"Sure, kid." He turned the wheel sharply at the next intersection and came to an abrupt stop in front of the package store. The familiar neon sign blinked down on us cheerfully. Will jumped from the car, then leaned back through the window. "I might just make that two pints. I've got a bit of a headache myself." We smiled at one another.

Act Two--five years later: The jarring ring of the telephone woke me from my sleep. I snapped on the light, adrenaline already flooding through my body as I lifted the receiver to my ear.

"Hello!" I managed to speak into the mouthpiece, my voice shaking.

"This is the Danbury police station. We have your daughter, Sara, down here on a drunk and disorderly charge again." He went on, "We're willing to give her a chance to go to the detox if you can talk her into it. Will you come down and see what you can do?"

Within moments I was dressed and in the car driving the short distance to the police station. I walked to the desk and nervously told the young officer why I was there. He opened a door behind him and gestured for me to follow him down the stairs to the lockup. Halfway down, the silence was broken by a long animal-like howl. I began trembling in anticipation of what I was going to see. In the area in front of the cell a young girl was thrashing about, flailing her arms out to grip at the matron's legs. The girl was Sara. I began to gag as the policeman reached down and pinned Sara's arms behind her. The matron quickly emptied the girl's pockets and pulled off her belt and shoes; all the while Sara was struggling to free herself. Then the two police officers dragged my daughter into the cell and slammed the door shut.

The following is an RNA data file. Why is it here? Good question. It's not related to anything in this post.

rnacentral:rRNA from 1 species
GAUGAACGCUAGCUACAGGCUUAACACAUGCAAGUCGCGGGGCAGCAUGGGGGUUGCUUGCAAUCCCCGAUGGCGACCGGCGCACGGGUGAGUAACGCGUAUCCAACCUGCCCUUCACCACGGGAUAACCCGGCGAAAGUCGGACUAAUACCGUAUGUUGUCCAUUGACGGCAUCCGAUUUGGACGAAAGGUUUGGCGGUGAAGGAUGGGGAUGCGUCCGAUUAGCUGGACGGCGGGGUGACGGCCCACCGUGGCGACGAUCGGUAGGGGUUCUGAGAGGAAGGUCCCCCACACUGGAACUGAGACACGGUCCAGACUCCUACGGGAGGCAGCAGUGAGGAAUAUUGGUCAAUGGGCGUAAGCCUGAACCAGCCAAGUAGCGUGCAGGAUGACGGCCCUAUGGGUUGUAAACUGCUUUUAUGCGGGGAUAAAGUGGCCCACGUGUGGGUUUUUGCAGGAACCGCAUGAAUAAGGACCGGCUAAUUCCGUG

I moved closer to the bars and called, "Sara!"

There was no response and I called her name again. Then she lifted her head and squinted at me, trying to focus her eyes--one of which was bruised and rapidly swelling shut. Finally she recognized me and whimpered, "Mummie, you came. Get me out of here. They've been beating me up. Take me home." The words came out slurred.

I turned my back and started towards the stairs. "Call me when you want to get better, Sara." I could barely see through the tears.

The matron reached out and touched my shoulder as I walked by her.

"Ma'am, we ain't seen you round here for a long time."